Egg, Sperm & Embryo Donation

Fertility Treatment Options
Key Points
  • Egg, Sperm and Embryo donation are becoming more common.
  • Birth rates with donation are higher than with own gametes.
  • Making a decision on donation may take a while. Take time to redefine family and mother images in your mind, so that you can ease your emotions and feel peaceful with an honest
People choosing donation as a route to parenthood has increased significantly over the years. Donation can involve egg, sperm or embryo donation. Most donation cycles happen from the age of 43.

The highest number of patients using own eggs and partner sperm (OEPS) and own eggs and donor sperm (OEDS) are those aged under 35.

Donor egg and donor sperm cycles are mostly undertaken by the under 35 age group too. This is in part due to the high percentage of patients with female same-sex partners using donor eggs and donor sperm who tend to be younger.

Using donor eggs with partner sperm is mostly used by those aged 44 and over, as the chances of successful pregnancy after 44 using one’s own eggs are not high.

Egg Donation

Egg donation is a common strategy in cases of poor egg reserve or quality.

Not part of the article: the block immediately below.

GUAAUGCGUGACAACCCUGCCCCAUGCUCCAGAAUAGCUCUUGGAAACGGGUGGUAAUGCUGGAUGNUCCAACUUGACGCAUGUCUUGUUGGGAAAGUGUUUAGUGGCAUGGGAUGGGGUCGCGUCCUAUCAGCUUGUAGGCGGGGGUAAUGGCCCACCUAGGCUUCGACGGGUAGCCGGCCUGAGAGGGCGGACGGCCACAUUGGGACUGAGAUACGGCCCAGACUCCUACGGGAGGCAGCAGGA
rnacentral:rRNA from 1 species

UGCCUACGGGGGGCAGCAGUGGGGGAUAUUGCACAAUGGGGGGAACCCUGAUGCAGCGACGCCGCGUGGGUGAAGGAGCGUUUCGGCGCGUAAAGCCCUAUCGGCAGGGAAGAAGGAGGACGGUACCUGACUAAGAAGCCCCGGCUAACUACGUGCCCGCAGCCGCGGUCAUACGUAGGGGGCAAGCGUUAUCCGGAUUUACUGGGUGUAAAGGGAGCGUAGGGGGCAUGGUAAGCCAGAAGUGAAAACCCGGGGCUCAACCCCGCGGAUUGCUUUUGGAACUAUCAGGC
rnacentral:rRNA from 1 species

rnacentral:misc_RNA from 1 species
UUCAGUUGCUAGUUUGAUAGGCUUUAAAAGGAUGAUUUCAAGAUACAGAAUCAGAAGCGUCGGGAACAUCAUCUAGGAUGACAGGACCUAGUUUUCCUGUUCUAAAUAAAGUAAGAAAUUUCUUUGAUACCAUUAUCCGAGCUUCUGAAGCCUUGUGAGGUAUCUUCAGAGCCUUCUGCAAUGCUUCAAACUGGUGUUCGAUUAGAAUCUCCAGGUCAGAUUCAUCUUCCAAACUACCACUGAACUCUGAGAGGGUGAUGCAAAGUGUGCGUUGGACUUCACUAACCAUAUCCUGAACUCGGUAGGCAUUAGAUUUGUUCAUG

Birth rates with egg donation are higher than with patient own eggs.

Who is eligible for egg donation?
1. Women with poor egg quality/quantity
2. Women with early menopause
3. Women who don’t produce eggs as a result of chemotherapy or radiotherapy
4. When fertility treatment with own eggs has failed
5. Male same-sex couples as part of the surrogacy journey

Sperm Donation

The success rates of cycles with sperm donation depend on:
  • Maternal age
  • Female fertility factors
  • Total number of motile sperm
  • Treatment (IUI or IVF)

Who is eligible for Sperm Donation?
  • Single women
  • Female same-sex couples
  • Heterosexual couples where male partner has poor sperm quality

Legal Aspects with Egg/Sperm/Embryo Donation

  • Each country has regulations on anonymity. Some countries do anonymous donation, whilst other countries keep a register of donation, allowing the child to know who donated sperm/egg when they reach 18 years old.
  • Each country has regulations on reimbursement. Some countries have altruistic donation regulations, where donors cannot be paid for donating eggs/sperm (apart from compensation for financial loss during treatment). Other countries allow donors to charge for donating their eggs/sperm.
  • Donors have no medical, legal, financial or ethical obligations towards children conceived with their gametes, and will not be named in the child’s birth certificate.
  • Donors have no rights on how the child will be brought up.

Common Concerns about Donation

Am I biologically related to my child?
An embryo is formed with the genetic material resulting from an egg and sperm. If you are getting a donated egg or sperm, the child will be partly genetically related to the donor.